Marsai Martin is back in the producer seat as her new comedy Saturdays receives a pilot order from Disney Channel.
According to Deadline, the single-camera comedy follows Paris Johnson (Danielle Jalade), an ambitious 13-year-old girl who has been roller skating since the age of four. As the leader of a skate crew, she’s determined to not let any obstacle, including her sickle cell disease, stop her from making it all the way to the top.
Omar Gooding and Golden Brooks will play Paris’ parents and Jermaine Harris has been cast as her older brother and aspiring DJ.
The Girlfriends alum took to Instagram to share the news captioning the post, “Very excited about this one! Joining the @disney @disneychannel family is beyond an honor. Thank you @marsaimartin and your team for giving great stories a platform You’re going to love this one.”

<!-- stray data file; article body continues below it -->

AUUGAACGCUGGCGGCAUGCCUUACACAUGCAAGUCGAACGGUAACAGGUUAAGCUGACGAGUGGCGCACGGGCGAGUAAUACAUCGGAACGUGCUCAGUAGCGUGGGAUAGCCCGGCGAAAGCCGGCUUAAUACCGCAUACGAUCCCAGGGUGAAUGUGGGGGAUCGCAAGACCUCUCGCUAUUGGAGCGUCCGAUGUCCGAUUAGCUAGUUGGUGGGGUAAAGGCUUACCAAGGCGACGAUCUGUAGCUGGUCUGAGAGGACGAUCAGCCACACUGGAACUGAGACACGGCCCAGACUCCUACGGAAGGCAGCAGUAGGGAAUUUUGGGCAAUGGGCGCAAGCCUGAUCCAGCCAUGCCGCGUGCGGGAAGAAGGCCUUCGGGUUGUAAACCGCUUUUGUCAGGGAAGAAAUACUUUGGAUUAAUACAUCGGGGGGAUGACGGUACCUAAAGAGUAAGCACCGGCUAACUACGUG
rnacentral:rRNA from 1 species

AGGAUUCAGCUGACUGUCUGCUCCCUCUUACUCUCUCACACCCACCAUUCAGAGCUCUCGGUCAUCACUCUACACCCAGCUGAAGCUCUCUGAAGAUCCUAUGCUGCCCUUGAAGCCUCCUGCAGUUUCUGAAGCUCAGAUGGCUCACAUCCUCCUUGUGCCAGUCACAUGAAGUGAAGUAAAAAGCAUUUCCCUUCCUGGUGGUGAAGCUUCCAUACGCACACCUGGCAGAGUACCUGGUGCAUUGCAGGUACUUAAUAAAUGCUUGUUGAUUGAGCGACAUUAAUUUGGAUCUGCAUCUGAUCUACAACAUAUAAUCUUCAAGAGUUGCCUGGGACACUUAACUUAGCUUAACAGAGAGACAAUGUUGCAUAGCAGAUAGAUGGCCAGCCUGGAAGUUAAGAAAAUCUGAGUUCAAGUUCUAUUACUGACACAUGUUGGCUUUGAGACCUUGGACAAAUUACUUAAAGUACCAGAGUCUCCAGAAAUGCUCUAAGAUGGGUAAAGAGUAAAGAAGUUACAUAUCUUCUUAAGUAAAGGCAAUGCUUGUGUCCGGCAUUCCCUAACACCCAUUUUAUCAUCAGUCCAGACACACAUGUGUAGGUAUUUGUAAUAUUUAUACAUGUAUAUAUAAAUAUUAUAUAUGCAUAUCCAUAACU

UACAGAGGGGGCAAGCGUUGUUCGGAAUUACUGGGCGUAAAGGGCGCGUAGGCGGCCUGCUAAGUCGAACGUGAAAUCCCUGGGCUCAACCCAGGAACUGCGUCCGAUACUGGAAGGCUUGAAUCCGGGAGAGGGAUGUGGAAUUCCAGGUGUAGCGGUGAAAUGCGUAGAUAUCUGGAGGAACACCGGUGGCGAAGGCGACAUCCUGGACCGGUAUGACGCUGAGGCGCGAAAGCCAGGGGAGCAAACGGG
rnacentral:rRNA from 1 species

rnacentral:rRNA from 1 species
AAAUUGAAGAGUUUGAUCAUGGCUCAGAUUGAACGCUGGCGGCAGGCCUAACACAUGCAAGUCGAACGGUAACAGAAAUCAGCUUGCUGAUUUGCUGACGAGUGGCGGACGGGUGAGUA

The black-ish actress took to Twitter to share her excitement that the news is finally available to the public writing, “Y’all … I’m so happy to finally be able to talk about this.”
The premiere date has not been confirmed but the 16-year-old will executive produce through her production company Genius Entertainment alongside her parents Joshua and Carol Martin. Normance Vance Jr. (Roll Bounce, Girlfriends) will serve as the writer-executive producer and Charles Stone III (Drumline) will direct.
“When we met with Marsai about this project, we couldn’t have been more impressed with her passion for diverse storytelling and commitment to female empowerment,” Rafael Garcia, vice president, Development, Disney Branded Television said in a statement. “We’re extremely excited to team up with Norman and the Genius Entertainment team to tap into roller-skating culture in a way that’s truly both authentic and aspirational for our audience.”
Although 1 in 4 adults are diagnosed with a disability, the disabled community is barely portrayed on television. This is a great step towards representation as the pilot is awarded the opportunity to have a greater conversation about the impacts of sickle cell among the Black community and disability as a whole.